If a color-blind society is a democratic or utilitarian value, it should not be the value of the church. We need to embrace the differences that others bring to worship, and to our understanding of God's desire for creation. I've heard it said, that without differences, there can be no unity – for without disagreement, there is nothing to agree upon. And Galatians calls upon Christians to embrace those who have traditionally been different to the point of exclusion. However, embracing the Other does not mean we change them to be like us. It means we trust that the Holy Spirit clothes them in Christ so they are a new beginning in Christ. The Other is a witness to us, and to our understanding of our own faith and faithfulness to God. New, different people are welcomed into the community of Christ that we might better know ourselves in the way the Other reflects our witness to us.

While integrating worship and our communities in general is undoubtedly a good thing, it is not the goal of Galatians, or of Christian baptism. The Holy Spirit may facilitate friendships, but it does not call us to make friends. The Holy Spirit does not call us to gather with the Other on Sundays for worship and then return unchanged to a week of accommodating institutionalized racism. We are not called to go out and win friends and be happy, we are called to do justice and eliminate distinctions that oppress others. The fact that I do not like someone does not mean that they do not deserve justice, and it does not mean that I should not worship with them, or accept them as a disciple of Christ. Jesus calls us to love one another and serve one another. However, nowhere does the gospel indicate we are to like one another.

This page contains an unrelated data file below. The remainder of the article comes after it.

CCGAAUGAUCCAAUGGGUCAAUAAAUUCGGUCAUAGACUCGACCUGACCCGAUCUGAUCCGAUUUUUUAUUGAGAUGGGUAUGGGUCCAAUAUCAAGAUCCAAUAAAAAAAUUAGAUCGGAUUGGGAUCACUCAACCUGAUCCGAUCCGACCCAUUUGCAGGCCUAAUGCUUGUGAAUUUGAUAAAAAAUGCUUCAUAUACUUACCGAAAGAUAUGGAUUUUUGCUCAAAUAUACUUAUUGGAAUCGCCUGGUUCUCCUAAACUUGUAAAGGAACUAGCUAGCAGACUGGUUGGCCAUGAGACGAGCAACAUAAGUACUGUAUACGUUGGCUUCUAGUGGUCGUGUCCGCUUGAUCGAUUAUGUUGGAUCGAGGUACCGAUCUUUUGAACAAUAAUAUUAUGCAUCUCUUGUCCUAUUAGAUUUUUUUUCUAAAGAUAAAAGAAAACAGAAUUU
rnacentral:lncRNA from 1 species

Friendships may evolve from the elimination of distinctions, but not necessarily from the maintenance of differences, which is vitally important if we are to understand the desire of the Creator God in any real sense. If we want to better observe the nuances of God's desire, we had better pay close attention to the differences that are undeniably a part of creation. Differences that, if we accept the blessing of Babel, vitally important to our survival as a species, let alone our understanding of the varied glory of God.

Yet, if we maintain differences, how can we eliminate distinctions? Perhaps we start by binding the baptismal hymn of Galatians our hearts and minds, and recognizing our prejudices are exactly that, prejudices. Our prejudices are not “isms,” or at least, not fully institutionalized isms. While prejudices may keep us safe in some real sense, they can be overcome if we allow ourselves to take healthy spiritual and relational risks. Those are exactly the kinds of risks that we agree to accept with baptism, and it is exactly these kinds of risks that occur during messianic celebrations.

Table fellowship with the other, baptism in the Holy Spirit, and the purposeful integration of the Body of Christ are solid New Testament fundamental, and it is through the practice of these relationship-building mandates that we can begin, not only to overcome distinctions, but reconcile the pain and injustice that has fertilized injustice that grows from the soil of such distinctions. One we obliterate distinctions, the fact of differences become all the more valuable to the full realization of the Kingdom of God.